Carolyn Rosser Watson ’68
She was my teacher and a mentor as well.
Judi Stewart Fortune ’64, MEd ’74
School of Education faculty member 1973–91
Dean of Continuing Studies at SPU 1988–91
The photo is of Vivian Larson. She was our next-door neighbor.
John Dietzman ’61
The woman pictured in the latest issue of response credited with teaching thousands of teachers is Vivian Larson. I agree she was superior at teaching teachers.
Rich Allen ’60
I remember her as quietly self-assured and very supportive of us as her student teachers. It was a job I aspired to, and ultimately I followed in her footsteps to become director of student teaching at Whitworth University.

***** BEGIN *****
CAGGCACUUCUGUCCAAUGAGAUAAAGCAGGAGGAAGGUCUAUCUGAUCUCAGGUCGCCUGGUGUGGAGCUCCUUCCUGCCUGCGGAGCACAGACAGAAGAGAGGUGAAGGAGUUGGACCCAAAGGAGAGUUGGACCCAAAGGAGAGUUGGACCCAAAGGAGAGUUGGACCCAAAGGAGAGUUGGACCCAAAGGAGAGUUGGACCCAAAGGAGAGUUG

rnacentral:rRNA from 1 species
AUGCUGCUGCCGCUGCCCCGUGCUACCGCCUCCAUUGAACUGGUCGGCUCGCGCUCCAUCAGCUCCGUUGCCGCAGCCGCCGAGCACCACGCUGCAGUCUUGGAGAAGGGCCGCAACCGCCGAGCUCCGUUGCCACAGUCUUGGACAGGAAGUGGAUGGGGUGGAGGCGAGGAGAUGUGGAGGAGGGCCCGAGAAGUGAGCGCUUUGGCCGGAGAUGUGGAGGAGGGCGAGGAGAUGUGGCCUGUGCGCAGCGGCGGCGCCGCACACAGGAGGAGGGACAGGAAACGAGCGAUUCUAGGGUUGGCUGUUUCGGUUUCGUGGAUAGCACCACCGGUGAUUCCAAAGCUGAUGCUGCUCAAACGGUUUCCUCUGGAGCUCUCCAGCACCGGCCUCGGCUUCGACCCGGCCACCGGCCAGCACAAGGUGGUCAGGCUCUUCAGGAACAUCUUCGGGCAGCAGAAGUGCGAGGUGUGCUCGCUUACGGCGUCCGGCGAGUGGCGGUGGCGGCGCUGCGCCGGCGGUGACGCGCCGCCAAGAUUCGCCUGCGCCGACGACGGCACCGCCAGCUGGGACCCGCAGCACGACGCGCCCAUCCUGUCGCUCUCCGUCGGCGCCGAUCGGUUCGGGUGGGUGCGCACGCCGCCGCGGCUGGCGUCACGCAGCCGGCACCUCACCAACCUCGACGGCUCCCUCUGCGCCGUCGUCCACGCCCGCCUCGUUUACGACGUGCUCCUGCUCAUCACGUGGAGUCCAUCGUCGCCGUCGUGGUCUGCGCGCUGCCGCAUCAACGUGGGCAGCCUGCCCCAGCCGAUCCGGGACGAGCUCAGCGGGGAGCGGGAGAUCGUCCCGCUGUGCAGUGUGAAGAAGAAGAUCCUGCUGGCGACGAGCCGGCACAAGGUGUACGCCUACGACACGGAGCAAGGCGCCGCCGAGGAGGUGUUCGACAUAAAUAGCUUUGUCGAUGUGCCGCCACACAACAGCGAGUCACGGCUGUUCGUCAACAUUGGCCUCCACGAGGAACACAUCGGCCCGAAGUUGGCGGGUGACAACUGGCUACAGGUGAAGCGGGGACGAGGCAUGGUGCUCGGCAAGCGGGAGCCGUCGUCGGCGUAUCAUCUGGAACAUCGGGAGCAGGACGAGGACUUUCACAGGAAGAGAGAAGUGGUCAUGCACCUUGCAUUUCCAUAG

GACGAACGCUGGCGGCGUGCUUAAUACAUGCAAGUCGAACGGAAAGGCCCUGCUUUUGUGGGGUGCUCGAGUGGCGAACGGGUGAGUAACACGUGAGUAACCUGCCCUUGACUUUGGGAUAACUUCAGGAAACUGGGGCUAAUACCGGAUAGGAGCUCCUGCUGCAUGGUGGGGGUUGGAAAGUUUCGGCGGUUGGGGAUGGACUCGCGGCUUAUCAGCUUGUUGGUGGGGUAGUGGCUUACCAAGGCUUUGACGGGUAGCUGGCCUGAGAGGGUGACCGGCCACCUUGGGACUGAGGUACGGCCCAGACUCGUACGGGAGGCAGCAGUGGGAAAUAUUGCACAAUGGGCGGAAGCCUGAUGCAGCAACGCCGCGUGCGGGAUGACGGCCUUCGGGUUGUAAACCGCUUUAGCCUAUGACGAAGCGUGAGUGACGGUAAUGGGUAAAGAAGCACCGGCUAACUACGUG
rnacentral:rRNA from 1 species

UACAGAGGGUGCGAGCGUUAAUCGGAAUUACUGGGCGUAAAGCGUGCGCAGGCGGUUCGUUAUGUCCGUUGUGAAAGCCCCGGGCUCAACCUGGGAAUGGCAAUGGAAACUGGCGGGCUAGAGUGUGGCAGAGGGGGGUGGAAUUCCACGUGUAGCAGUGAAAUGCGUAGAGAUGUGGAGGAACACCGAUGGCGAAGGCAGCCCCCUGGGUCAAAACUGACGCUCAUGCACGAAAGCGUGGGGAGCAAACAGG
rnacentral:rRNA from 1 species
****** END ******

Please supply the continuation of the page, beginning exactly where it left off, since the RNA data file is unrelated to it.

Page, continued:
Doris Krause Liebert, ’56
My mother, Evelyn Youngren, worked with her and was a good friend of hers!
Meredith Youngren Flaming ’67
She was part of my elementary teacher training. I went on to teach in the Edmonds School District for 34 years, retired, then continued to substitute part time.
Diane Durall ’71
She was the best.
Barbara Miller Jefferries ’53
She was wonderful and directed each of us in the right direction. I taught 34 years, mostly in grade 1. I retired at 75 and am still doing a lot of substitute teaching.
Wilda Johnson Thomas ’57